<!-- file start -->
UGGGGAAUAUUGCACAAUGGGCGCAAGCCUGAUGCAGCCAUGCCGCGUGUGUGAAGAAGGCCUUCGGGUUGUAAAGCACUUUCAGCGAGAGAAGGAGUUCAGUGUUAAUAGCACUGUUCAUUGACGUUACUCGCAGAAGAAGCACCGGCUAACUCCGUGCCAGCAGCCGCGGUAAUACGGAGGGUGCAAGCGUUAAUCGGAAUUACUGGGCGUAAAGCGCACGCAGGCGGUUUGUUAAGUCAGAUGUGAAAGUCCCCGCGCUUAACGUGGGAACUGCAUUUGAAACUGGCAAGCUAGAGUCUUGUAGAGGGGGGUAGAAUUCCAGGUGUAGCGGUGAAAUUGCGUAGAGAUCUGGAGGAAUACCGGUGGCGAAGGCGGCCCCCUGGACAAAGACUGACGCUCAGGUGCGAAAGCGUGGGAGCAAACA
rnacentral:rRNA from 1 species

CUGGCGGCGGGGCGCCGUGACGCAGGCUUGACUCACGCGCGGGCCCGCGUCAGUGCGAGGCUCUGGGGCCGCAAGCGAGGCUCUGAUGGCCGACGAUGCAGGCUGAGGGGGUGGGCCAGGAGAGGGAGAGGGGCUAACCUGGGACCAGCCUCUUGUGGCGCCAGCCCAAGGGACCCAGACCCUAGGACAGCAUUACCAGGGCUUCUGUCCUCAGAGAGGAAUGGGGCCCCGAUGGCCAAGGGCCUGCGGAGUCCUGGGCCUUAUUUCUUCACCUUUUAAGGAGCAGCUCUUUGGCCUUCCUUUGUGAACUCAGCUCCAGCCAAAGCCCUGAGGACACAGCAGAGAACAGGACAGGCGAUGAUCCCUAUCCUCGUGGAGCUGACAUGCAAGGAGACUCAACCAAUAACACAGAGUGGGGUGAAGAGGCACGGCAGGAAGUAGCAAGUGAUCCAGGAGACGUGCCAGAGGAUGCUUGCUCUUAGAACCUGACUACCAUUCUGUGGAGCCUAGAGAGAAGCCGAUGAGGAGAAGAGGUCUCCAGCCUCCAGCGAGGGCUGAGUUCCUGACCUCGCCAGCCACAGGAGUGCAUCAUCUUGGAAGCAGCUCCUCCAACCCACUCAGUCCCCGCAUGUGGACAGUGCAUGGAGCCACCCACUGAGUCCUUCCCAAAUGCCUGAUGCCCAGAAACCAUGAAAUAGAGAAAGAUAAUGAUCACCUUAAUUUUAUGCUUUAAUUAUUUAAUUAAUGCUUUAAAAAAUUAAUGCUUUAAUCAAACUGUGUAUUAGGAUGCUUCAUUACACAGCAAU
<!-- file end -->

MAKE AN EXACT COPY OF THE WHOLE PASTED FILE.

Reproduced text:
UGGGGAAUAUUGCACAAUGGGCGCAAGCCUGAUGCAGCCAUGCCGCGUGUGUGAAGAAGGCCUUCGGGUUGUAAAGCACUUUCAGCGAGAGAAGGAGUUCAGUGUUAAUAGCACUGUUCAUUGACGUUACUCGCAGAAGAAGCACCGGCUAACUCCGUGCCAGCAGCCGCGGUAAUACGGAGGGUGCAAGCGUUAAUCGGAAUUACUGGGCGUAAAGCGCACGCAGGCGGUUUGUUAAGUCAGAUGUGAAAGUCCCCGCGCUUAACGUGGGAACUGCAUUUGAAACUGGCAAGCUAGAGUCUUGUAGAGGGGGGUAGAAUUCCAGGUGUAGCGGUGAAAUUGCGUAGAGAUCUGGAGGAAUACCGGUGGCGAAGGCGGCCCCCUGGACAAAGACUGACGCUCAGGUGCGAAAGCGUGGGAGCAAACA
rnacentral:rRNA from 1 species

CUGGCGGCGGGGCGCCGUGACGCAGGCUUGACUCACGCGCGGGCCCGCGUCAGUGCGAGGCUCUGGGGCCGCAAGCGAGGCUCUGAUGGCCGACGAUGCAGGCUGAGGGGGUGGGCCAGGAGAGGGAGAGGGGCUAACCUGGGACCAGCCUCUUGUGGCGCCAGCCCAAGGGACCCAGACCCUAGGACAGCAUUACCAGGGCUUCUGUCCUCAGAGAGGAAUGGGGCCCCGAUGGCCAAGGGCCUGCGGAGUCCUGGGCCUUAUUUCUUCACCUUUUAAGGAGCAGCUCUUUGGCCUUCCUUUGUGAACUCAGCUCCAGCCAAAGCCCUGAGGACACAGCAGAGAACAGGACAGGCGAUGAUCCCUAUCCUCGUGGAGCUGACAUGCAAGGAGACUCAACCAAUAACACAGAGUGGGGUGAAGAGGCACGGCAGGAAGUAGCAAGUGAUCCAGGAGACGUGCCAGAGGAUGCUUGCUCUUAGAACCUGACUACCAUUCUGUGGAGCCUAGAGAGAAGCCGAUGAGGAGAAGAGGUCUCCAGCCUCCAGCGAGGGCUGAGUUCCUGACCUCGCCAGCCACAGGAGUGCAUCAUCUUGGAAGCAGCUCCUCCAACCCACUCAGUCCCCGCAUGUGGACAGUGCAUGGAGCCACCCACUGAGUCCUUCCCAAAUGCCUGAUGCCCAGAAACCAUGAAAUAGAGAAAGAUAAUGAUCACCUUAAUUUUAUGCUUUAAUUAUUUAAUUAAUGCUUUAAAAAAUUAAUGCUUUAAUCAAACUGUGUAUUAGGAUGCUUCAUUACACAGCAAU